Kitties Sitting in Boxes for Science
This post is yet another thinly veiled excuse to put pictures of my cat on the internet.
My cat, like many, loves sitting on boxes and other tiny places.
Several studies have indicated feline preferences for hiding and a reduction of stress levels when adequate boxes, or other small hiding places, are available to cats. Veterinarian Claudia Vinke recently published a study examining whether proper ‘hiding enrichment’ in shelter environments can lower the incidence of infectious diseases- a typical side effect of stressed cats in shelters due immunodeficiency caused by increased cortisol levels.
The study was relatively small, 19 cats were brought to a shelter, 10 were given boxes to hide in and 9 were not, and the cats were evaluated on the basis of the Kressler and Turner Cat-Stress-Score.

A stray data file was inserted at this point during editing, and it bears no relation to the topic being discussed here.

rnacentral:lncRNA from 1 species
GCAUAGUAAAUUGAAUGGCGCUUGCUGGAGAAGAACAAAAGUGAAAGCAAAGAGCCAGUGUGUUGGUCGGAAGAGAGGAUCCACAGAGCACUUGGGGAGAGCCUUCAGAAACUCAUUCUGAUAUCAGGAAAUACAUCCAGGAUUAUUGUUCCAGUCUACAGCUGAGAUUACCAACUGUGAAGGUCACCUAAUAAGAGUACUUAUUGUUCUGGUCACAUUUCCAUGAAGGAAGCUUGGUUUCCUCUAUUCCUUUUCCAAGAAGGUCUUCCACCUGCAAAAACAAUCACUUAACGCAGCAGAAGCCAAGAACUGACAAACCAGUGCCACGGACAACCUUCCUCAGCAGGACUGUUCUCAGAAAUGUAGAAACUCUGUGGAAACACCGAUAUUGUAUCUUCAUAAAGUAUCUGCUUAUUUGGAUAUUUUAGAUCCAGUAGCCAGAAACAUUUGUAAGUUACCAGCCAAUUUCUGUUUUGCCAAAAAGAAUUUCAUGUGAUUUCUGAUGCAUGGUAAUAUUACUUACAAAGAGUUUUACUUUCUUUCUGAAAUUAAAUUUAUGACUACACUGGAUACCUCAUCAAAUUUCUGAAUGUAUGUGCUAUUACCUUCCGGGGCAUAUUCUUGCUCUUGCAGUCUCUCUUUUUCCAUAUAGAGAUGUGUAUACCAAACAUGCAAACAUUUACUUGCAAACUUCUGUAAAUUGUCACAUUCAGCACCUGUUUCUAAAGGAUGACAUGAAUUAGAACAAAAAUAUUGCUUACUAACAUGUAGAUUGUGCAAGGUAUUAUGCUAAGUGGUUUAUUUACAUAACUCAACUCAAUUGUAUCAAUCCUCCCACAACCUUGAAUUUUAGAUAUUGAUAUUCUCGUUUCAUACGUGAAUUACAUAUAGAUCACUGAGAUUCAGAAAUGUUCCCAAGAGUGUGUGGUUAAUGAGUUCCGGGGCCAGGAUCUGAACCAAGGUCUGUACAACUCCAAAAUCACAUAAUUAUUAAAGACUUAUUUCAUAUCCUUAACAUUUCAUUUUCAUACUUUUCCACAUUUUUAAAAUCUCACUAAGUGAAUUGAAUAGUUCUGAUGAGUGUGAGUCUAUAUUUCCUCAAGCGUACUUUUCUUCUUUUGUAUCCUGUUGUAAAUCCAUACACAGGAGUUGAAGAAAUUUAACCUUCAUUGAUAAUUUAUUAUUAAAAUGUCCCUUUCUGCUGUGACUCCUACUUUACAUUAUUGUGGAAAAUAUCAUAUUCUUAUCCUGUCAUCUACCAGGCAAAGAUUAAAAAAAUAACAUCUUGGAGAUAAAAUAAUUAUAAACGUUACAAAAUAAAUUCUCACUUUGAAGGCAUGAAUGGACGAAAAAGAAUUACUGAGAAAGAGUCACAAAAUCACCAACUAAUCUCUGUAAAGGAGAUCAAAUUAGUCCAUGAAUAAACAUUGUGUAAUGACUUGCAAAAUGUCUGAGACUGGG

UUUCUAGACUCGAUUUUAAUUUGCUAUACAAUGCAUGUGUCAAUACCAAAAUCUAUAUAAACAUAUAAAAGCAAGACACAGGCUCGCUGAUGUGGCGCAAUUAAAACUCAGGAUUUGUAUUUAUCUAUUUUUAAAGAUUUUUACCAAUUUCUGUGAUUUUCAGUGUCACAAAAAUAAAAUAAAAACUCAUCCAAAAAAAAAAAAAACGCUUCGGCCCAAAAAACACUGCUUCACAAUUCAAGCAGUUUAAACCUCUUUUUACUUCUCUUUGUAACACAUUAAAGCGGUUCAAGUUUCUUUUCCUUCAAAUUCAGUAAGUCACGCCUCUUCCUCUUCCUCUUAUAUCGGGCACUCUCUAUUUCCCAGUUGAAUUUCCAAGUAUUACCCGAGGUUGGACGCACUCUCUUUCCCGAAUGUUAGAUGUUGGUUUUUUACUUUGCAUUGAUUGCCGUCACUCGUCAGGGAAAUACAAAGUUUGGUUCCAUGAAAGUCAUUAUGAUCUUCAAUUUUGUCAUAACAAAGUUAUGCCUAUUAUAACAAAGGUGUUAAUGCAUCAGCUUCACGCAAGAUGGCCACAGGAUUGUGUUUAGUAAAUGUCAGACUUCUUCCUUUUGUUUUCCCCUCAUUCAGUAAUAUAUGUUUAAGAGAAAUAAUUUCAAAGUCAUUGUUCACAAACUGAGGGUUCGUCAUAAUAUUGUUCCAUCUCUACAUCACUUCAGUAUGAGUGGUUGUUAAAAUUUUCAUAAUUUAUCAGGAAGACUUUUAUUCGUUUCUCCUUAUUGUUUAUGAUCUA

A significant difference was observed by days 3-4 where the cats with boxes showed a consistently low stress level where the cats without boxes showed a wide variance in stress levels that was, on average, higher than that of the cats with boxes. By day 14, all of the cats showed a similar stress level, but it was close to that of the ‘boxed’ cats after day 3.
The author of the study concludes that hiding boxes can be effective tools to assist cats recovering from environmental changes and promote feline health in shelter environments.